What’s interesting is that, for the most part, I could. Working with Kwikset as long as my agency has, I’d gotten to know the products very well. I had gained a pretty sound grasp of how they work, how they interface with other smart devices, even some troubleshooting tips. So I gave up thinking about why these folks were calling me and just started answering their questions.

I never found it be a chore. Most of the callers were courteous, friendly, and—when I provided the answer or advice they were seeking—extremely grateful. Because we handle the B2B side of the public relations effort, we don’t have a chance to talk with the end-user customer, and I found it quite refreshing.

When I was unable to answer a question, I always referred them to customer service, where I am confident they were able to get the help they needed. (I would not only tell them the number but point out its location on the website—you know, for the next time they called.)

For some reason, the calls have been dwindling in number over the last year or so; to be honest, I’m starting to miss them. The customer service number is still in the same spot, so I have no real insight into the drop-off. Still, the occasional call comes in, and when it does, I help the best I can.

There’s a saying I heard many years ago, and though I searched for it online I couldn’t find the origin. But regardless of who first said it or wrote it, it is one of the most insightful business-related axioms I’ve ever heard:

“We’re all in customer service.”

The truth of that sentence is glaringly apparent. It doesn’t matter what position you hold within an organization, you can affect the customer experience. Often it is an indirect impact, but you can affect the interaction just the same.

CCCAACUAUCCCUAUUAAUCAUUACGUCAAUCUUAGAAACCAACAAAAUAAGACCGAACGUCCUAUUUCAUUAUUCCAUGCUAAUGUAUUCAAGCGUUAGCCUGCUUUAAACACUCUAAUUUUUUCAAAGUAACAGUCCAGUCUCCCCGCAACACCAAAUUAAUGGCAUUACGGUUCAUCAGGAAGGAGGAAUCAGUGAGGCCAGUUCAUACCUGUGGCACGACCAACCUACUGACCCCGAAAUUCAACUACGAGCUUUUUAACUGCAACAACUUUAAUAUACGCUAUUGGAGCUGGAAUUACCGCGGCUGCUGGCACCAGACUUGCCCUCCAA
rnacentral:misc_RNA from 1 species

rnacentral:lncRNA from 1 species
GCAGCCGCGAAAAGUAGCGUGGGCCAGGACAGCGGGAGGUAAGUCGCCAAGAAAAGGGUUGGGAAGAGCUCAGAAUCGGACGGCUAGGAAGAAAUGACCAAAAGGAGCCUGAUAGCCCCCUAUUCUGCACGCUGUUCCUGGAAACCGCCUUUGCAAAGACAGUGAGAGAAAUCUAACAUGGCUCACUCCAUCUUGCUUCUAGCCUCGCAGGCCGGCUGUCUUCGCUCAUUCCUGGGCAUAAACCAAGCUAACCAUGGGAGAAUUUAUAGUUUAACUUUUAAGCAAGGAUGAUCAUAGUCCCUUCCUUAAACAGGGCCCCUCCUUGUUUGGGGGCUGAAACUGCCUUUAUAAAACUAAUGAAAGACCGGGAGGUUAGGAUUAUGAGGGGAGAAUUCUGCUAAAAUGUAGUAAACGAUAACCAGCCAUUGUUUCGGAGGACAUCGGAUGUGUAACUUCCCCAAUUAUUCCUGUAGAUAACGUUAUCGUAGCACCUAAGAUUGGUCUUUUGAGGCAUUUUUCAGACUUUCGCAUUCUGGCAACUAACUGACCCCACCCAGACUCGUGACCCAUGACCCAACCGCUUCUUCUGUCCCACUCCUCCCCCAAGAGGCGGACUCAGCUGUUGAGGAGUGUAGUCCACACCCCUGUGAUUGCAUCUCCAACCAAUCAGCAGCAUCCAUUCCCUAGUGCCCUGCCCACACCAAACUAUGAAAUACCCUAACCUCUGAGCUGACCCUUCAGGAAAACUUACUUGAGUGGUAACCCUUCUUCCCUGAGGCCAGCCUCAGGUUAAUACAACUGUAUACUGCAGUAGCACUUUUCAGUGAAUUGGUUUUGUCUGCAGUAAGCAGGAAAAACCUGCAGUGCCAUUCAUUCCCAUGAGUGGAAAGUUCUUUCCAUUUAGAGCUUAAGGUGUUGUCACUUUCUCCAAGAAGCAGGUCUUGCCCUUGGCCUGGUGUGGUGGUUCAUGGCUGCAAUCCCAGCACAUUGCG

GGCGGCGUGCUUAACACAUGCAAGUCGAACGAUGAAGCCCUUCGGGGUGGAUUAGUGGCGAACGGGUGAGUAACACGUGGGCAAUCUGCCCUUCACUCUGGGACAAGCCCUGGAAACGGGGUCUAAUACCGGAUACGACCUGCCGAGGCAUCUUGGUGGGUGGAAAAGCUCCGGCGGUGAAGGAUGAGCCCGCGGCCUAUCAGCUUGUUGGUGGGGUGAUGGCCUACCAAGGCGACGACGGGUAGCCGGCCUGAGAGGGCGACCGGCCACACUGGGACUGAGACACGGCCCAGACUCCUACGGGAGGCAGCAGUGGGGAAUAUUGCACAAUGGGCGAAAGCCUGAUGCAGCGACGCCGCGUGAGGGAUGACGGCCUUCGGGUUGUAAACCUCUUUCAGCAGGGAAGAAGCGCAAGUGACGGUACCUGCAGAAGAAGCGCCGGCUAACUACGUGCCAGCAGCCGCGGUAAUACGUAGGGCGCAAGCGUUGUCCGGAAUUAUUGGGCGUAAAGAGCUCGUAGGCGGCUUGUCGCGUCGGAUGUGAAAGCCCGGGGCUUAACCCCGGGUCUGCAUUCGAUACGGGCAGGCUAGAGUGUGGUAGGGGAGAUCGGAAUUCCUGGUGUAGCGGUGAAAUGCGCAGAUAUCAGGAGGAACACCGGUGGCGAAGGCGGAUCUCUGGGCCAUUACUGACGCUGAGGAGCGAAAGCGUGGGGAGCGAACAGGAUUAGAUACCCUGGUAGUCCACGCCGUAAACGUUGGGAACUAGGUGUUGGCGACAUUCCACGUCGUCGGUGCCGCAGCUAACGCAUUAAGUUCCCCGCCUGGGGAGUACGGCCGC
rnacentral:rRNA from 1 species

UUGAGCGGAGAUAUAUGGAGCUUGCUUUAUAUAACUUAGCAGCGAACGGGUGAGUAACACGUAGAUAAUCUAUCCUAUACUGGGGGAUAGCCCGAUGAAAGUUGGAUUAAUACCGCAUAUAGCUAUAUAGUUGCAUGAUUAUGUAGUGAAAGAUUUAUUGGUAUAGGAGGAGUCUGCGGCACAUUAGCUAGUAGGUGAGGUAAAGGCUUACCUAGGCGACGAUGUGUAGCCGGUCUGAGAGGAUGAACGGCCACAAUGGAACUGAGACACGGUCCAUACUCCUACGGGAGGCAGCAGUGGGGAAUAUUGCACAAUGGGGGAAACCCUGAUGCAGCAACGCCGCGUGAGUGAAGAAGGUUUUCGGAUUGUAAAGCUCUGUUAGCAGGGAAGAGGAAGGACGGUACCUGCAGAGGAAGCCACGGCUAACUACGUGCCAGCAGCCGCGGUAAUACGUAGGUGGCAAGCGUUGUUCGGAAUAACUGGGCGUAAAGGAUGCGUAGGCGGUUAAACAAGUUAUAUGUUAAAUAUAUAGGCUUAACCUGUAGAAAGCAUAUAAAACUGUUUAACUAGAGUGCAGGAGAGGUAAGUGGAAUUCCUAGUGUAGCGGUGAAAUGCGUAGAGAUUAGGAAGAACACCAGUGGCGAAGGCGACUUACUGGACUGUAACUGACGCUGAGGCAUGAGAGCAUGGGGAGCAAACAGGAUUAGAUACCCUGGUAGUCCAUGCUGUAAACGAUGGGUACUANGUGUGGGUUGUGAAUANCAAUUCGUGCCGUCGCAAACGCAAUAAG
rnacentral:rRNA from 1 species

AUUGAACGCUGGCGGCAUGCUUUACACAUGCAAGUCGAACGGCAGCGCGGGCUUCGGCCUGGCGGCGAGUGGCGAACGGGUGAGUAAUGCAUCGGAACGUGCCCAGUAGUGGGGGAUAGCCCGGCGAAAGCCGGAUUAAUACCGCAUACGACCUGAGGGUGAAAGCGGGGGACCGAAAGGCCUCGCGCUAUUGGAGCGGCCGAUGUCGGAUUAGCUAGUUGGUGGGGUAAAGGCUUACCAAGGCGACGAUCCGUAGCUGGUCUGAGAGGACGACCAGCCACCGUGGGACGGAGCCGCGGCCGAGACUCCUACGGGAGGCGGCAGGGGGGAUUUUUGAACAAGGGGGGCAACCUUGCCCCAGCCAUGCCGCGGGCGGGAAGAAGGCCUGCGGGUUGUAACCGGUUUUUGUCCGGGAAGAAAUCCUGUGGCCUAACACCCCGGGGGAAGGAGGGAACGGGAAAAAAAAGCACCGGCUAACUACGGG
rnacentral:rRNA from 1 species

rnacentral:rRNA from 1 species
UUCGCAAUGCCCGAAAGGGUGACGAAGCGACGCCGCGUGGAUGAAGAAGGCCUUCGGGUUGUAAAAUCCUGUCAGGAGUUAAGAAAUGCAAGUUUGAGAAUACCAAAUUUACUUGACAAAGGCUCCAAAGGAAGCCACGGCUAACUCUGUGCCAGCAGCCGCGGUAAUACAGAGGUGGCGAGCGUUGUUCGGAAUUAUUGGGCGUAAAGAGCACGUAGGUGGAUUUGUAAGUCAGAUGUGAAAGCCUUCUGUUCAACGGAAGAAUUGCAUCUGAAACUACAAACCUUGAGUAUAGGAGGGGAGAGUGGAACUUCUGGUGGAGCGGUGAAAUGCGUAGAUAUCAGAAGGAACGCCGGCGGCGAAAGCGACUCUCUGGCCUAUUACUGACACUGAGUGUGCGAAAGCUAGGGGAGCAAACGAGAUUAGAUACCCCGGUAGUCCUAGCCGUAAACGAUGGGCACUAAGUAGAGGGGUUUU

As the PR agent for Kwikset, had I become involved in customer service? You bet I had. Wrongly or rightly, I was the first point of contact at the company for at least 50 people. If I had just said to each of them, “I’m not in customer service” and hung up, that would have conveyed a horrible impression of the company. Or if I had said, in an irritated tone, “The customer service number is on the website, go find it,” I’m certain it would have had the same negative impact.

But by taking the calls, providing help when possible, and courteously pointing customers in the right direction when I couldn’t, I conveyed the idea that their call mattered, that their issue or problem was important. That’s an attitude I know every company strives to project.

I certainly don’t expect thanks for helping out a few customers, answering a few technical questions, or gently directing callers to the best place for assistance. My only point is to stress that providing superior customer service should be every company’s top priority, regardless of the industry.

Maybe it needs to be taken even more seriously in the security market, since we’re dealing with people’s safety and peace of mind, and they want extra assurance that someone actually cares.

And though you may not specifically work in customer service—you might not even have a customer-facing job—your time to step up to the plate can come anytime. Whether or not you hit a home run or strike out is up to you.

Arthur Sesnovich is a principal of Bulldog Communications, a full-service, high-tech public relations and advertising firm.